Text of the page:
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0answers
110 views

“operates similar to” vs. “operates similarly to”

I wonder which form(s) are correct amongst the following: It operates similar to the above-mentioned mechanism. It operates similarly to the above-mentioned mechanism. Looking at Google, "operates ...
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1answer
37 views

“The Haloed Sun”? Shouldn't it be “The Haloing Sun”?

resource: https://www.artic.edu/artworks/126484/the-haloed-sun If I want to portray a deity (take Thor for example) with a halo around him, then should I say "Haloed Thor", "Haloing Thor" or "Halo ...
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2answers
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Real as an adverb and adjective

Real can be used as adjective as well as adverb. As an adverb meaning of real is very Therefore I think its usage in the following sentence is correct The real important thing to remember is that ...
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How can I say “my constructed sculpture has a bready!! structure”

I want to say : my sculpture is constructed of bread. I searched and found there is not the word of "bready", as well as I could not find a formal word for description. I just want an ...
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1answer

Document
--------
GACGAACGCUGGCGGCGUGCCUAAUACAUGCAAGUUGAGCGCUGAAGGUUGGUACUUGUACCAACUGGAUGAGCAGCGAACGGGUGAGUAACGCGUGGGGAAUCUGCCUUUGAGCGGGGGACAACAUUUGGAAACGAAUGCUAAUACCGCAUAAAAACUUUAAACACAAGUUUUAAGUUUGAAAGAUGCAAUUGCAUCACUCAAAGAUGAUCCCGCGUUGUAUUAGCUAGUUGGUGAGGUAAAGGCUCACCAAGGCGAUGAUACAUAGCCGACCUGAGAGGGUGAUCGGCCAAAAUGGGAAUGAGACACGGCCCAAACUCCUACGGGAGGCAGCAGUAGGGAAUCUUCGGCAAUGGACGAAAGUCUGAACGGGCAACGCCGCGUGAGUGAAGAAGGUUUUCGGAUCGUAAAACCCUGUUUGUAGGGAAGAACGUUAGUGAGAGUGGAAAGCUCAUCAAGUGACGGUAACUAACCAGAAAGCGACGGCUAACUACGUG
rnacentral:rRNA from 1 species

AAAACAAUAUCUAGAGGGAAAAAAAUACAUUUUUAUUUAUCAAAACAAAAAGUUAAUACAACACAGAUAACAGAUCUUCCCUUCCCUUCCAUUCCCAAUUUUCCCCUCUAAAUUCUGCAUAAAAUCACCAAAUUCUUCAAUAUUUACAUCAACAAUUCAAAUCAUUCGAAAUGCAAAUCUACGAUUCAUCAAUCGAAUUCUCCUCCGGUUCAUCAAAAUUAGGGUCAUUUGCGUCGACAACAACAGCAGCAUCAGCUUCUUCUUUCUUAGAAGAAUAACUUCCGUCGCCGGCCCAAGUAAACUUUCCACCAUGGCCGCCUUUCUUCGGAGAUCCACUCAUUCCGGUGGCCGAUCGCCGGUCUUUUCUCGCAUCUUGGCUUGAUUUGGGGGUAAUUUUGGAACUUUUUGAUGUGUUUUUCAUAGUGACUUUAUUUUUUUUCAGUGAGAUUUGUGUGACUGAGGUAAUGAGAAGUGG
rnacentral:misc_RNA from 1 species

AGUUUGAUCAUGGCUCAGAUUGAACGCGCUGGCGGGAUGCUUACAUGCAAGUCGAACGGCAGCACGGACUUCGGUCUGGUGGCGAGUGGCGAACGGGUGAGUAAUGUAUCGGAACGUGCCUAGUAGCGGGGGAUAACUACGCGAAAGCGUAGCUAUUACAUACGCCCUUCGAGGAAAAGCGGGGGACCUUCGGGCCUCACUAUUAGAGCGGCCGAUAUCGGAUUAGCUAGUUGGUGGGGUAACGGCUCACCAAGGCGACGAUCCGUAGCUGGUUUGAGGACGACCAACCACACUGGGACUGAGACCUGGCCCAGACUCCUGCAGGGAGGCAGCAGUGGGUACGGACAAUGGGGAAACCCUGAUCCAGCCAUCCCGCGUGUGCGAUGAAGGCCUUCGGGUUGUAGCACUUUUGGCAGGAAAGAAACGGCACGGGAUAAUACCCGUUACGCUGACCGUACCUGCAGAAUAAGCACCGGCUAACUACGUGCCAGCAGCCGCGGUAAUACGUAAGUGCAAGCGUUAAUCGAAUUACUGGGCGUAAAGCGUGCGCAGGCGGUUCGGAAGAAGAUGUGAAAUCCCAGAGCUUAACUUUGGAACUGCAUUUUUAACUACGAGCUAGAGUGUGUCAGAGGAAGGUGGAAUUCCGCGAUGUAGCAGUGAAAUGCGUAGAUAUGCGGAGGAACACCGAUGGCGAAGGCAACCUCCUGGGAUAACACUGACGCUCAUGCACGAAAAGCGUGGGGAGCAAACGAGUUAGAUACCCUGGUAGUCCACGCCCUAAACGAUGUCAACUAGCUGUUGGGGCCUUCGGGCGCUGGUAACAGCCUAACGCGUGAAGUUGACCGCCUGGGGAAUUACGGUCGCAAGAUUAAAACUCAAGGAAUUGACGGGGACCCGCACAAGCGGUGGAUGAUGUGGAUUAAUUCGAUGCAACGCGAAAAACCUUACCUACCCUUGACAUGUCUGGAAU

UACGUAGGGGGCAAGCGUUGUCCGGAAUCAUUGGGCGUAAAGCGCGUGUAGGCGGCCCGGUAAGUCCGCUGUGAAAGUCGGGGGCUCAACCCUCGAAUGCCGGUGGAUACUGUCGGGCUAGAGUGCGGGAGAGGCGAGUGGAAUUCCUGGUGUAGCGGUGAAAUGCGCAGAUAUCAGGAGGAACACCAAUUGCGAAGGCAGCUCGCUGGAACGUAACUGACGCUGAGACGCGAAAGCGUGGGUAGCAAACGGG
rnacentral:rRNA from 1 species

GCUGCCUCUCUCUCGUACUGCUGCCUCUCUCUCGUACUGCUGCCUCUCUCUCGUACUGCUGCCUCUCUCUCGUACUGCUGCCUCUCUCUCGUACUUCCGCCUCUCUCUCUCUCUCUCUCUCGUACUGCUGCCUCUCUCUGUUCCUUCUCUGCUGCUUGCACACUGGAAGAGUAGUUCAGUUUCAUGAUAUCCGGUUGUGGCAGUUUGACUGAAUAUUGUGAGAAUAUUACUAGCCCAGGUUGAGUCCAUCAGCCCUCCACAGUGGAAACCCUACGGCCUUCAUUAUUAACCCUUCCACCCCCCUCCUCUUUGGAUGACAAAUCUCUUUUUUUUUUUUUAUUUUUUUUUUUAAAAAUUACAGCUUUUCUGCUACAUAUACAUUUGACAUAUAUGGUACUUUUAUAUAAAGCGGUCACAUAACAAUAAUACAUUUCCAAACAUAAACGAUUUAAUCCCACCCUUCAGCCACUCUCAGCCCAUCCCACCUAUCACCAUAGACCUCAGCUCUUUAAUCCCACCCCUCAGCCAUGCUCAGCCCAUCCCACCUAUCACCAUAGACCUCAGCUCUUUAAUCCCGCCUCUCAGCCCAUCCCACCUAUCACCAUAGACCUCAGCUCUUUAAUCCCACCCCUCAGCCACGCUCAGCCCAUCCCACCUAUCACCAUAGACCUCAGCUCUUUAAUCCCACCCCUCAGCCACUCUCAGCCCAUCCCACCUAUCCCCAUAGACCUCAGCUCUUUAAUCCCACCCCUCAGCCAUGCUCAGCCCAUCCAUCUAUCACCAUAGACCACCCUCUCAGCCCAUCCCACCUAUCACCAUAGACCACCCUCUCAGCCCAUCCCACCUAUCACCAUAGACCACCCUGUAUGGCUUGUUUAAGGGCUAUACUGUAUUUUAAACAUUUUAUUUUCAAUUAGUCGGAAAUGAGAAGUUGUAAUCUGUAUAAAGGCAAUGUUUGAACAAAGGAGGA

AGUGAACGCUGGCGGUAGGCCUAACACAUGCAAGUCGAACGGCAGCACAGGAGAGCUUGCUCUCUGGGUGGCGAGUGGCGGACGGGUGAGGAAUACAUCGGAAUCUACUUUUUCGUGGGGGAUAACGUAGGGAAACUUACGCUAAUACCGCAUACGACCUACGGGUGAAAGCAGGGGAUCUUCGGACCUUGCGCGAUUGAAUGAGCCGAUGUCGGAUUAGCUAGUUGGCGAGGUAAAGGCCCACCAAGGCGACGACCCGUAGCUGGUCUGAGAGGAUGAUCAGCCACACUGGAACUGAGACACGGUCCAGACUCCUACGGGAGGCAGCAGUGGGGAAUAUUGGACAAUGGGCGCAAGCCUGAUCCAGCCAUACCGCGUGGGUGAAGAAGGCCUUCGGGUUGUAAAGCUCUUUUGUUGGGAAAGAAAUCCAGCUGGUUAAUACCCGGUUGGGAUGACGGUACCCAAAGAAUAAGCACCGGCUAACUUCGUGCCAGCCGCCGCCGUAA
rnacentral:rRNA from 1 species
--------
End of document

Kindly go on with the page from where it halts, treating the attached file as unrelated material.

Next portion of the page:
50 views

His new song is English vs His new song is an English song vs His new song is in English

If I am talking about a song in English by a musician who is not English, can I use these sentences interchangeably to mean the song is in English? His new song is English. It is an English ...
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3answers
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To vs than usage

Lemon juice is preferable than tea. Lemon juice is preferable to tea. I have seen in many grammar books that only sentence 2 is correct and not sentence1 with “than”. So my questions are: 1) ...
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1answer
27 views

A geometrical shape

I am looking for a specific name of a geometrical shape if there is any. It is a cylinder. The height is very short relative to it’s large radius. It’s very flat, but much thicker than a coin. Like a ...
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1answer
25 views

Which adjective can I use here?

The bouncer pulled the two men apart. One of the men had a black eye, while the other had a bloody nose. I assume that the eye wouldn't be black yet right after the fight, so my question is which ...
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1answer
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should we use a dash “-” between words of an adjective when omit a noun?

I know the question may seem too vague and weird, so let's go right to the example for more clarification: Scholars ask the-upper-class countries to help the-lower-class in the breakout of the ...
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1answer
1k views

“It was nice meeting you or it was nice talking to you”, What's the grammar?